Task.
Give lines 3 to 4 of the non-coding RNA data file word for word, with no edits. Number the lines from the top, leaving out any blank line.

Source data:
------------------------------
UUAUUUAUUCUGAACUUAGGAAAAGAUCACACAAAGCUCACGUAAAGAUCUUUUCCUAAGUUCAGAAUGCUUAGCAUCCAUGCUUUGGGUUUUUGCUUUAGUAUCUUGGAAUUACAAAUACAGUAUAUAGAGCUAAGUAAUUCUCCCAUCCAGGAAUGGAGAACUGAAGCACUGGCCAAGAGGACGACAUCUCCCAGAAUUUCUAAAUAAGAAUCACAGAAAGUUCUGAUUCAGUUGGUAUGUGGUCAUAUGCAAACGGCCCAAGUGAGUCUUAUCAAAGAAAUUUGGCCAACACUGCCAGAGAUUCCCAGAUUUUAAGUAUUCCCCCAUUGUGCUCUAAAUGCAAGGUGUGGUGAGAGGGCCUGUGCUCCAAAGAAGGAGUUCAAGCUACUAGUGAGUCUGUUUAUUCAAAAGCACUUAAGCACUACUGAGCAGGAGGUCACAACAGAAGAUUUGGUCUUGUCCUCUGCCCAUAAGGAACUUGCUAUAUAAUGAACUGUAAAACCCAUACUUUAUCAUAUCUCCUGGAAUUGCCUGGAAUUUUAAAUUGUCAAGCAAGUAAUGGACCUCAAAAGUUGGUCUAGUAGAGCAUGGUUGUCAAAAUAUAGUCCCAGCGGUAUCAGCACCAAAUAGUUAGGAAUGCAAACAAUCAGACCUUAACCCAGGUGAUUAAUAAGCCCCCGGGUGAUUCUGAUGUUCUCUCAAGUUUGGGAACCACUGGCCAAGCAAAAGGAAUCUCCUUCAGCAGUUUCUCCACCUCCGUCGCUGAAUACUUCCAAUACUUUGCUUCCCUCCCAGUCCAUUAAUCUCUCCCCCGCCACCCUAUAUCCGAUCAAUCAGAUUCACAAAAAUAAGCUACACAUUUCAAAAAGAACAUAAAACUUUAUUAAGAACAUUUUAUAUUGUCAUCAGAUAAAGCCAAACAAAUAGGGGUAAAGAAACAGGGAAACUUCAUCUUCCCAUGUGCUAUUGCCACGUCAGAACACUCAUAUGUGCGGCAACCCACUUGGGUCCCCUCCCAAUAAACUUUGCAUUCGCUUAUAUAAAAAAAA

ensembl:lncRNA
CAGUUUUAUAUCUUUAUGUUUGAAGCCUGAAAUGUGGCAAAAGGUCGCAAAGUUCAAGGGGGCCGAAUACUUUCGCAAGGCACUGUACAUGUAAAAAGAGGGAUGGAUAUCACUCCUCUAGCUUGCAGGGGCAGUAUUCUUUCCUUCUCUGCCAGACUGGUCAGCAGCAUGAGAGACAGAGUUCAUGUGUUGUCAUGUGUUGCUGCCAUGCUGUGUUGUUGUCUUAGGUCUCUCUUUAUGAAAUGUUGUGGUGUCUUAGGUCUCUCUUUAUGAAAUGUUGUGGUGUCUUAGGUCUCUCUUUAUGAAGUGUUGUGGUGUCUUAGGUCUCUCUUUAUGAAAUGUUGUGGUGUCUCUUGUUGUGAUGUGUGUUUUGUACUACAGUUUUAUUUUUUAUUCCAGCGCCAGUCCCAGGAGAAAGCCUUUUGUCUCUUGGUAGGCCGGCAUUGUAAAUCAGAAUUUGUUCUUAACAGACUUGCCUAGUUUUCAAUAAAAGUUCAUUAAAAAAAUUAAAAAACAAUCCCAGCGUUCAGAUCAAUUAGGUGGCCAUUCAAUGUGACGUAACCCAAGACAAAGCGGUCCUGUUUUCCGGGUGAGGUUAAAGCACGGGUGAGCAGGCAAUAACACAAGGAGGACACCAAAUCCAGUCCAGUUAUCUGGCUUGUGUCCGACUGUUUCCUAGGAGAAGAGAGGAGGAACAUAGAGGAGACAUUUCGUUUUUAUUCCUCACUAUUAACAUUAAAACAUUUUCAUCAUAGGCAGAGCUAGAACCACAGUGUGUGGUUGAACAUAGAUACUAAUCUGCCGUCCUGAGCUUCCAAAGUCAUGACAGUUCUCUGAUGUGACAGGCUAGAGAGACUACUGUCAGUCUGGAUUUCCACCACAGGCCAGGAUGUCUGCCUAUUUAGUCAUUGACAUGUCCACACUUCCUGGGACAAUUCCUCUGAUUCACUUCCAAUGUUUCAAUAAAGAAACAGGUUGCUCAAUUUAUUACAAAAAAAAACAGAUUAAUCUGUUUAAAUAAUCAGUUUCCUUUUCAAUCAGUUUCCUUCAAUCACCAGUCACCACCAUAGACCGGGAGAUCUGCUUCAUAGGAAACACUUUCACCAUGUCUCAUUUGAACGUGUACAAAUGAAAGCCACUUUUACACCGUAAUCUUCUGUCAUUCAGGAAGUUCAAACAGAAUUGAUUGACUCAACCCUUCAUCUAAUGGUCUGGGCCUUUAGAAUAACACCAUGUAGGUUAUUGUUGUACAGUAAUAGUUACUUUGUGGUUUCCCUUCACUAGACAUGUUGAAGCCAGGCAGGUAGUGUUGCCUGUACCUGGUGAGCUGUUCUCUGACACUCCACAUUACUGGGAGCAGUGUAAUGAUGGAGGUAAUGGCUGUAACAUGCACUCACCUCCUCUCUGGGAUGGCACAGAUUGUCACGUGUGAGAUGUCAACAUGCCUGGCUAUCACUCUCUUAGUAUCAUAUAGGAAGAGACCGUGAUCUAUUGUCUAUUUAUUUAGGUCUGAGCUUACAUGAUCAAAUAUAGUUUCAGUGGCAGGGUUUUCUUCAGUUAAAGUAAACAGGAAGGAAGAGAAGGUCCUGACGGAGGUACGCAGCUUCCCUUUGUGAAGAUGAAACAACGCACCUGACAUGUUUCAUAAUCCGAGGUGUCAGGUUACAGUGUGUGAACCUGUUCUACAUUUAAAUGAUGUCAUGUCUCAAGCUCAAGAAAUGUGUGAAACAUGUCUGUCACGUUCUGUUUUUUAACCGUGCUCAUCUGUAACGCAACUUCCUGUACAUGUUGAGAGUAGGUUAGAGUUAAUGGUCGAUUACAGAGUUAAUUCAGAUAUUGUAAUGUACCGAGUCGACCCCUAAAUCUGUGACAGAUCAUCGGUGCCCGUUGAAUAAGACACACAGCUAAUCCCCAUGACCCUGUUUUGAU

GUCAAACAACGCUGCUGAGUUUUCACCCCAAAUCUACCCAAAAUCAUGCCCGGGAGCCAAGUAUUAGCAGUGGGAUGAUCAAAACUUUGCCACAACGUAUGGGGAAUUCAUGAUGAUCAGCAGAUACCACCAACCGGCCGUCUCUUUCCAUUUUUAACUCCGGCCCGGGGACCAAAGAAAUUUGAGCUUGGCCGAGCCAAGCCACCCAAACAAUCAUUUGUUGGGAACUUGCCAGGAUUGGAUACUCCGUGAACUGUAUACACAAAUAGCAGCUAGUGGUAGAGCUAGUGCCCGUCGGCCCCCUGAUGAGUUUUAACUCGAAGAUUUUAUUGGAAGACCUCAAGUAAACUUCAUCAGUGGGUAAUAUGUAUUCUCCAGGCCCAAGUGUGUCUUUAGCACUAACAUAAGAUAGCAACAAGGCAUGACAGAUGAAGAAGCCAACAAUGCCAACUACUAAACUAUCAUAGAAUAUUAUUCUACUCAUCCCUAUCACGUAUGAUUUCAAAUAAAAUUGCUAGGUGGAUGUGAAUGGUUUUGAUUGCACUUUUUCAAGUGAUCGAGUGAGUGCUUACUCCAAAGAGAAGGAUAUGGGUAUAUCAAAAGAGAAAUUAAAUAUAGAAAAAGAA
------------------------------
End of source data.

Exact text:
CAGUUUUAUAUCUUUAUGUUUGAAGCCUGAAAUGUGGCAAAAGGUCGCAAAGUUCAAGGGGGCCGAAUACUUUCGCAAGGCACUGUACAUGUAAAAAGAGGGAUGGAUAUCACUCCUCUAGCUUGCAGGGGCAGUAUUCUUUCCUUCUCUGCCAGACUGGUCAGCAGCAUGAGAGACAGAGUUCAUGUGUUGUCAUGUGUUGCUGCCAUGCUGUGUUGUUGUCUUAGGUCUCUCUUUAUGAAAUGUUGUGGUGUCUUAGGUCUCUCUUUAUGAAAUGUUGUGGUGUCUUAGGUCUCUCUUUAUGAAGUGUUGUGGUGUCUUAGGUCUCUCUUUAUGAAAUGUUGUGGUGUCUCUUGUUGUGAUGUGUGUUUUGUACUACAGUUUUAUUUUUUAUUCCAGCGCCAGUCCCAGGAGAAAGCCUUUUGUCUCUUGGUAGGCCGGCAUUGUAAAUCAGAAUUUGUUCUUAACAGACUUGCCUAGUUUUCAAUAAAAGUUCAUUAAAAAAAUUAAAAAACAAUCCCAGCGUUCAGAUCAAUUAGGUGGCCAUUCAAUGUGACGUAACCCAAGACAAAGCGGUCCUGUUUUCCGGGUGAGGUUAAAGCACGGGUGAGCAGGCAAUAACACAAGGAGGACACCAAAUCCAGUCCAGUUAUCUGGCUUGUGUCCGACUGUUUCCUAGGAGAAGAGAGGAGGAACAUAGAGGAGACAUUUCGUUUUUAUUCCUCACUAUUAACAUUAAAACAUUUUCAUCAUAGGCAGAGCUAGAACCACAGUGUGUGGUUGAACAUAGAUACUAAUCUGCCGUCCUGAGCUUCCAAAGUCAUGACAGUUCUCUGAUGUGACAGGCUAGAGAGACUACUGUCAGUCUGGAUUUCCACCACAGGCCAGGAUGUCUGCCUAUUUAGUCAUUGACAUGUCCACACUUCCUGGGACAAUUCCUCUGAUUCACUUCCAAUGUUUCAAUAAAGAAACAGGUUGCUCAAUUUAUUACAAAAAAAAACAGAUUAAUCUGUUUAAAUAAUCAGUUUCCUUUUCAAUCAGUUUCCUUCAAUCACCAGUCACCACCAUAGACCGGGAGAUCUGCUUCAUAGGAAACACUUUCACCAUGUCUCAUUUGAACGUGUACAAAUGAAAGCCACUUUUACACCGUAAUCUUCUGUCAUUCAGGAAGUUCAAACAGAAUUGAUUGACUCAACCCUUCAUCUAAUGGUCUGGGCCUUUAGAAUAACACCAUGUAGGUUAUUGUUGUACAGUAAUAGUUACUUUGUGGUUUCCCUUCACUAGACAUGUUGAAGCCAGGCAGGUAGUGUUGCCUGUACCUGGUGAGCUGUUCUCUGACACUCCACAUUACUGGGAGCAGUGUAAUGAUGGAGGUAAUGGCUGUAACAUGCACUCACCUCCUCUCUGGGAUGGCACAGAUUGUCACGUGUGAGAUGUCAACAUGCCUGGCUAUCACUCUCUUAGUAUCAUAUAGGAAGAGACCGUGAUCUAUUGUCUAUUUAUUUAGGUCUGAGCUUACAUGAUCAAAUAUAGUUUCAGUGGCAGGGUUUUCUUCAGUUAAAGUAAACAGGAAGGAAGAGAAGGUCCUGACGGAGGUACGCAGCUUCCCUUUGUGAAGAUGAAACAACGCACCUGACAUGUUUCAUAAUCCGAGGUGUCAGGUUACAGUGUGUGAACCUGUUCUACAUUUAAAUGAUGUCAUGUCUCAAGCUCAAGAAAUGUGUGAAACAUGUCUGUCACGUUCUGUUUUUUAACCGUGCUCAUCUGUAACGCAACUUCCUGUACAUGUUGAGAGUAGGUUAGAGUUAAUGGUCGAUUACAGAGUUAAUUCAGAUAUUGUAAUGUACCGAGUCGACCCCUAAAUCUGUGACAGAUCAUCGGUGCCCGUUGAAUAAGACACACAGCUAAUCCCCAUGACCCUGUUUUGAU

GUCAAACAACGCUGCUGAGUUUUCACCCCAAAUCUACCCAAAAUCAUGCCCGGGAGCCAAGUAUUAGCAGUGGGAUGAUCAAAACUUUGCCACAACGUAUGGGGAAUUCAUGAUGAUCAGCAGAUACCACCAACCGGCCGUCUCUUUCCAUUUUUAACUCCGGCCCGGGGACCAAAGAAAUUUGAGCUUGGCCGAGCCAAGCCACCCAAACAAUCAUUUGUUGGGAACUUGCCAGGAUUGGAUACUCCGUGAACUGUAUACACAAAUAGCAGCUAGUGGUAGAGCUAGUGCCCGUCGGCCCCCUGAUGAGUUUUAACUCGAAGAUUUUAUUGGAAGACCUCAAGUAAACUUCAUCAGUGGGUAAUAUGUAUUCUCCAGGCCCAAGUGUGUCUUUAGCACUAACAUAAGAUAGCAACAAGGCAUGACAGAUGAAGAAGCCAACAAUGCCAACUACUAAACUAUCAUAGAAUAUUAUUCUACUCAUCCCUAUCACGUAUGAUUUCAAAUAAAAUUGCUAGGUGGAUGUGAAUGGUUUUGAUUGCACUUUUUCAAGUGAUCGAGUGAGUGCUUACUCCAAAGAGAAGGAUAUGGGUAUAUCAAAAGAGAAAUUAAAUAUAGAAAAAGAA